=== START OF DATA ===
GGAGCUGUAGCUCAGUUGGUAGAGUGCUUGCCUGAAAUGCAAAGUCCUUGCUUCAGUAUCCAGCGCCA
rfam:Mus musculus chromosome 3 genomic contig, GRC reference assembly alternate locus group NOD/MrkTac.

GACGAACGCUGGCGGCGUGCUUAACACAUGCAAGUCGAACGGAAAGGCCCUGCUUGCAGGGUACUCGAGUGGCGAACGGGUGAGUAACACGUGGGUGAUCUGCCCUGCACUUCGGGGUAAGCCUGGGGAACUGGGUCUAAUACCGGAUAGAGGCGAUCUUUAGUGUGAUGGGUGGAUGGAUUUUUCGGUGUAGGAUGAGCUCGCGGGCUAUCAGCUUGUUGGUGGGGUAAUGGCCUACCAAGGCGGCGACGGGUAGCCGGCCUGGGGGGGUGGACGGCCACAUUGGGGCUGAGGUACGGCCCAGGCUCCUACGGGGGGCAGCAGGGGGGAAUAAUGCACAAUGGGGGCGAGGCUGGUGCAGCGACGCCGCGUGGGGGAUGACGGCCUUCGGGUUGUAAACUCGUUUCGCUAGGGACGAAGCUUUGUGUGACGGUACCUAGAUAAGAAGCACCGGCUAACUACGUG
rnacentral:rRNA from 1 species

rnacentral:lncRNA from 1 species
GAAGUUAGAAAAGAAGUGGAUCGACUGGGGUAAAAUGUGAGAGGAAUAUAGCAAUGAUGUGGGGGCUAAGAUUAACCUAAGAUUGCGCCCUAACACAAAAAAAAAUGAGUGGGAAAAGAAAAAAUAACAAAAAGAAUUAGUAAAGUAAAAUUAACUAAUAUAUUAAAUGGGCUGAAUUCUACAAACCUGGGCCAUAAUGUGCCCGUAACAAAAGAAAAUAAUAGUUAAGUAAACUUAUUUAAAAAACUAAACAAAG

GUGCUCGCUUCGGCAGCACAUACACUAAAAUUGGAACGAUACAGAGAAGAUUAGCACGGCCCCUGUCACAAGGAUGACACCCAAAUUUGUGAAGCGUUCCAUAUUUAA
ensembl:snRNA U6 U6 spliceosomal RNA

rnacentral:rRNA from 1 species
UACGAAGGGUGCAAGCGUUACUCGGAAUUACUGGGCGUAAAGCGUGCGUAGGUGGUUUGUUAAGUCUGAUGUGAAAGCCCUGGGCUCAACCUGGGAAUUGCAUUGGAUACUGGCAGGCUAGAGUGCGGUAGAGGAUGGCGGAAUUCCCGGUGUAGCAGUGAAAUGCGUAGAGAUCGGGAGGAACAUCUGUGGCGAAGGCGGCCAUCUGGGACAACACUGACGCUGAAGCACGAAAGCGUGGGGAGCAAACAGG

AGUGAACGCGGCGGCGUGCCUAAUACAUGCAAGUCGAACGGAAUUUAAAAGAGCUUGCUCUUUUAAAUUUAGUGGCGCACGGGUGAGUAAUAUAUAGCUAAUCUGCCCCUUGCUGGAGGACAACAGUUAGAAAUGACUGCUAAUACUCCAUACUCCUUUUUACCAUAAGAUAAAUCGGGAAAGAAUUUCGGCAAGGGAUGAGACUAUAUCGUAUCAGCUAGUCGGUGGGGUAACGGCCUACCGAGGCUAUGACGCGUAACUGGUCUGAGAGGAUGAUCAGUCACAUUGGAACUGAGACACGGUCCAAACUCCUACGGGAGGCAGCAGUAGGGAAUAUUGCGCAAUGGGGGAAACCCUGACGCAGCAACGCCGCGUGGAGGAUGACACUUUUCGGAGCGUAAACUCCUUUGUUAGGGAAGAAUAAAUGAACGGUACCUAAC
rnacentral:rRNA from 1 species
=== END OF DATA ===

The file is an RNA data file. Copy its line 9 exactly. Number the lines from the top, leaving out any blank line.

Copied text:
rnacentral:rRNA from 1 species